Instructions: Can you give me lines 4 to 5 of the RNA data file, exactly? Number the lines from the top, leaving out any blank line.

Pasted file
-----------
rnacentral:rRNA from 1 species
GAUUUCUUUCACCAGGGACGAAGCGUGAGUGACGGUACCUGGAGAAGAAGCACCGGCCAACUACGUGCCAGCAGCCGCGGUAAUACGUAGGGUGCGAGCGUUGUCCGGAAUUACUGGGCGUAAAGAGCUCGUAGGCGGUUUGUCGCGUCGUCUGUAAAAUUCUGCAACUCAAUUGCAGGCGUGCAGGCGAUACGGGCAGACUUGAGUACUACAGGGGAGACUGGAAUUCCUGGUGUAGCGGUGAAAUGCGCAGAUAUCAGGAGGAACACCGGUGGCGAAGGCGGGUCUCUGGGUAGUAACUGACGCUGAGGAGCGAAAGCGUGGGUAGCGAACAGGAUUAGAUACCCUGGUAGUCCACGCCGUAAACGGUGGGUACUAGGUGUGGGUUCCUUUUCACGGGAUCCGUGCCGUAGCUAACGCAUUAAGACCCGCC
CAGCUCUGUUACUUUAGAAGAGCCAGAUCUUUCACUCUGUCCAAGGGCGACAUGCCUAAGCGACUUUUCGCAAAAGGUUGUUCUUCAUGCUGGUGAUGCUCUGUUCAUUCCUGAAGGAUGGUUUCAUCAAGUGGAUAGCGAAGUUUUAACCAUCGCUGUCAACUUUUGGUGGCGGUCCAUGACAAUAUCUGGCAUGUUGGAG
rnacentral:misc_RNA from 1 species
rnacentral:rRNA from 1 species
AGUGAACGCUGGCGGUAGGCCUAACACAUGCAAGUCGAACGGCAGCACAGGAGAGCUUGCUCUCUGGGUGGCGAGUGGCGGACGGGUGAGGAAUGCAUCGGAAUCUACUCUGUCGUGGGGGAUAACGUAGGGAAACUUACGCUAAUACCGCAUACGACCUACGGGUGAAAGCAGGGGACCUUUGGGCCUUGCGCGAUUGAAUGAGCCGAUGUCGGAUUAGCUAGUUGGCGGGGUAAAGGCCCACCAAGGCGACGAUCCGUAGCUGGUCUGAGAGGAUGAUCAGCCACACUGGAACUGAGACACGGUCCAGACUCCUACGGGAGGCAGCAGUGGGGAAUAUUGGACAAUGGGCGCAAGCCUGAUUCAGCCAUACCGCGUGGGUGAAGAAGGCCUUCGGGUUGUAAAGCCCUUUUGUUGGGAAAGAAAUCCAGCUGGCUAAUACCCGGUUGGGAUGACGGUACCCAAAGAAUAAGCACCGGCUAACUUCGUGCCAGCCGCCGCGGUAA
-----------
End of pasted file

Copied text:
rnacentral:misc_RNA from 1 species
rnacentral:rRNA from 1 species